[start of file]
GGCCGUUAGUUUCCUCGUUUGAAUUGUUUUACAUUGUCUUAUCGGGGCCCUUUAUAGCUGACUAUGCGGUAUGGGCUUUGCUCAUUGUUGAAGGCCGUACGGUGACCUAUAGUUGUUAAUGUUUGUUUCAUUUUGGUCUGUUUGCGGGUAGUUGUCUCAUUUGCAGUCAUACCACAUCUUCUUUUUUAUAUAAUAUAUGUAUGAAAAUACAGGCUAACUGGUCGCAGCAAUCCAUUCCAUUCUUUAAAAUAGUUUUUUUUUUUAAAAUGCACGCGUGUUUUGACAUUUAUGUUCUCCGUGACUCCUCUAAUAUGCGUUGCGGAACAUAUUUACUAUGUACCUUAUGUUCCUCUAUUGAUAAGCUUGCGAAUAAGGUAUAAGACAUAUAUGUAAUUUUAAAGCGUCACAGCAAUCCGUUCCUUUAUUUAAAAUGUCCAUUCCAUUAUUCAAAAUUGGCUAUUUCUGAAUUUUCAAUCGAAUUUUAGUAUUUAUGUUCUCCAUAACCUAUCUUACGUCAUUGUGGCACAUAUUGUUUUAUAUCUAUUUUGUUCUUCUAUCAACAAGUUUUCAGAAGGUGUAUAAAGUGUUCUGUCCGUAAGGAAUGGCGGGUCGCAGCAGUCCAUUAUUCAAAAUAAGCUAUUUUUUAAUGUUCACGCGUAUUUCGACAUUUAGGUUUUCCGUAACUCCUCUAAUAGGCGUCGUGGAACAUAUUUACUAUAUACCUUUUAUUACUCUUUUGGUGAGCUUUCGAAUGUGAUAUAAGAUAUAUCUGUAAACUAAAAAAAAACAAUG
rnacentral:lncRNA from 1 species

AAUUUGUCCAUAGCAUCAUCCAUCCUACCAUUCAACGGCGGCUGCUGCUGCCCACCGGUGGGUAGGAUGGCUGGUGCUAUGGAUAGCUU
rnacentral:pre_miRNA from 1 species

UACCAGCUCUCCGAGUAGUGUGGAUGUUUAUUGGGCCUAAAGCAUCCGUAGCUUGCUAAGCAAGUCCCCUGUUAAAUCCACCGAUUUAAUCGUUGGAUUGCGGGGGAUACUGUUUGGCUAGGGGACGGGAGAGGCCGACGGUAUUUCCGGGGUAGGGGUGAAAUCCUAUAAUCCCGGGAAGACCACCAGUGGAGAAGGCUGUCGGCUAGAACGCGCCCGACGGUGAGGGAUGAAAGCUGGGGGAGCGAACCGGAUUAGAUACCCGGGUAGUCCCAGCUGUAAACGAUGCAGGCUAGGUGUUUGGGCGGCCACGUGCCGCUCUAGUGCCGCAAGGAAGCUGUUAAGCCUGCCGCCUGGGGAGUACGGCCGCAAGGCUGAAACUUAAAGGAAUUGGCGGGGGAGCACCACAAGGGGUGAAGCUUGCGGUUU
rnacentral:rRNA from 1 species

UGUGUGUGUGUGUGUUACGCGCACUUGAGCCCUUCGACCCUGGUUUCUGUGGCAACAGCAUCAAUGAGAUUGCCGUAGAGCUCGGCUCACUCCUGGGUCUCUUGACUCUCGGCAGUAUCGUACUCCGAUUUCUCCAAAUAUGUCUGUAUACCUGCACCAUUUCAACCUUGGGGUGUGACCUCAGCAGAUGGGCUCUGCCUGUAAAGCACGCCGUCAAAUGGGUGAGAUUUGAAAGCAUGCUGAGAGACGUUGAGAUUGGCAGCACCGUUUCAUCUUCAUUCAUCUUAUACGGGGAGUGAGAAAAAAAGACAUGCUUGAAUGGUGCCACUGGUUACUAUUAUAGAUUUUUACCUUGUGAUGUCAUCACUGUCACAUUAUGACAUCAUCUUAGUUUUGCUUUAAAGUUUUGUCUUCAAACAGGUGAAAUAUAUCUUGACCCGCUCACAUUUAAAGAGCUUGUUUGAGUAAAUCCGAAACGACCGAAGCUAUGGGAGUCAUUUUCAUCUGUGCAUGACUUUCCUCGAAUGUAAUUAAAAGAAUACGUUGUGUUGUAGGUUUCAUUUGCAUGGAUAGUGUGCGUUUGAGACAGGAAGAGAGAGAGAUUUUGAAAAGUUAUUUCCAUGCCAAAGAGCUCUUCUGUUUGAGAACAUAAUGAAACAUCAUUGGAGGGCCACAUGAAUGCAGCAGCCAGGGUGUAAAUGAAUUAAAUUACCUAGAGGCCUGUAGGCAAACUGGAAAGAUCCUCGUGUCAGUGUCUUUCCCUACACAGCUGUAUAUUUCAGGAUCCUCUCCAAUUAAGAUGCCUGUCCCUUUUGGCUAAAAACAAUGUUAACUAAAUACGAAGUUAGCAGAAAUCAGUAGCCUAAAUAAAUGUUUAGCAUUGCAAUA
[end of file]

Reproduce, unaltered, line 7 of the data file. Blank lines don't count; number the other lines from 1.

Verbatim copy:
UGUGUGUGUGUGUGUUACGCGCACUUGAGCCCUUCGACCCUGGUUUCUGUGGCAACAGCAUCAAUGAGAUUGCCGUAGAGCUCGGCUCACUCCUGGGUCUCUUGACUCUCGGCAGUAUCGUACUCCGAUUUCUCCAAAUAUGUCUGUAUACCUGCACCAUUUCAACCUUGGGGUGUGACCUCAGCAGAUGGGCUCUGCCUGUAAAGCACGCCGUCAAAUGGGUGAGAUUUGAAAGCAUGCUGAGAGACGUUGAGAUUGGCAGCACCGUUUCAUCUUCAUUCAUCUUAUACGGGGAGUGAGAAAAAAAGACAUGCUUGAAUGGUGCCACUGGUUACUAUUAUAGAUUUUUACCUUGUGAUGUCAUCACUGUCACAUUAUGACAUCAUCUUAGUUUUGCUUUAAAGUUUUGUCUUCAAACAGGUGAAAUAUAUCUUGACCCGCUCACAUUUAAAGAGCUUGUUUGAGUAAAUCCGAAACGACCGAAGCUAUGGGAGUCAUUUUCAUCUGUGCAUGACUUUCCUCGAAUGUAAUUAAAAGAAUACGUUGUGUUGUAGGUUUCAUUUGCAUGGAUAGUGUGCGUUUGAGACAGGAAGAGAGAGAGAUUUUGAAAAGUUAUUUCCAUGCCAAAGAGCUCUUCUGUUUGAGAACAUAAUGAAACAUCAUUGGAGGGCCACAUGAAUGCAGCAGCCAGGGUGUAAAUGAAUUAAAUUACCUAGAGGCCUGUAGGCAAACUGGAAAGAUCCUCGUGUCAGUGUCUUUCCCUACACAGCUGUAUAUUUCAGGAUCCUCUCCAAUUAAGAUGCCUGUCCCUUUUGGCUAAAAACAAUGUUAACUAAAUACGAAGUUAGCAGAAAUCAGUAGCCUAAAUAAAUGUUUAGCAUUGCAAUA